Ad campaigns that advertising creatives dislike on principle.
March 29, 2010
Here’s an odd, fun topic: ad campaigns creative people hate even though they’re not necessarily that bad. Frankly, they might even be brilliant. Doesn’t matter. Something about the concept, execution or casting just makes the advertising purist go crazy. The phenomenon is not to be confused with ads we love to hate. (See my post about Progressive Insurance.)
Take the E-trade Babies campaign. Even though these spots are beloved by Americans, I’ve yet to meet an advertising creative who likes them, let alone loves them. The reason for this –at least the one I’m usually given- is that “talking babies have been done to death.”
Maybe so, but in terms of writing and sheer entertainment value the E-trade babies are hard to beat. Last year the golf-themed commercial killed with a baby coining the phrase “shank-o-potomus.” This year, the only time I laughed during the entire Super Bowl was when that baby said “Milk-a-wha?” Ironic many of the same effete creatives who rue this campaign all agree both spots are hilarious. They just don’t like them on principle. Princi-wha?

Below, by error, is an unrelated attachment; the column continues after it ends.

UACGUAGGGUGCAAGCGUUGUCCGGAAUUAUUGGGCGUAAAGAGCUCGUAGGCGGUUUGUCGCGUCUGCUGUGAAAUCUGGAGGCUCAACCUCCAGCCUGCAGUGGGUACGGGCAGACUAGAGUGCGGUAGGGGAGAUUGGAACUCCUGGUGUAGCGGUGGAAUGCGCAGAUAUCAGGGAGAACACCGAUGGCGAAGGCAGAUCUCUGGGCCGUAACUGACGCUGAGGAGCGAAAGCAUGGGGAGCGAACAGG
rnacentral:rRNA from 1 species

And then there’s the Aflac Duck. Not only did this silly bird put Aflac on the map it also simplified a fairly complicated supplemental insurance business. And people absolutely adore the campaign. That is, except for us hot shot creatives. We turn our collective noses up at said duck. Why exactly? It’s good advertising. Corny yes. But it does what it’s supposed to do and then some.
So what gives? Why do over-achieving campaigns like the Aflac duck and E-trade babies get so little love from the creative community? Is it something they said? I have a few theories. Maybe a lot of us secretly like these campaigns and only pretend to disdain them. Like scoffing at Billy Joel even though you know every word to Piano Man. Or could it be the popularity of these campaigns makes them too common for the adveratti to respect, sort of like American Idol or Dancing with the Stars? Are we that conceited…that insecure? Most likely.
Author’s note: Similar in strategy and concept to the E-trade campaign is Geico’s equally popular, “So easy a Caveman can do it.” Creative hot shots adore this campaign. I agree it’s a lot of fun. But substitute babies with cavemen. They’re the same damn concept! So why is one beloved and the other not?
What do you think, Gentle Reader? Can you think of any campaigns that are not up to (our) nebulous standards? Below are spots from the above-mentioned campaigns:
Aflac Duck (first spot ever!):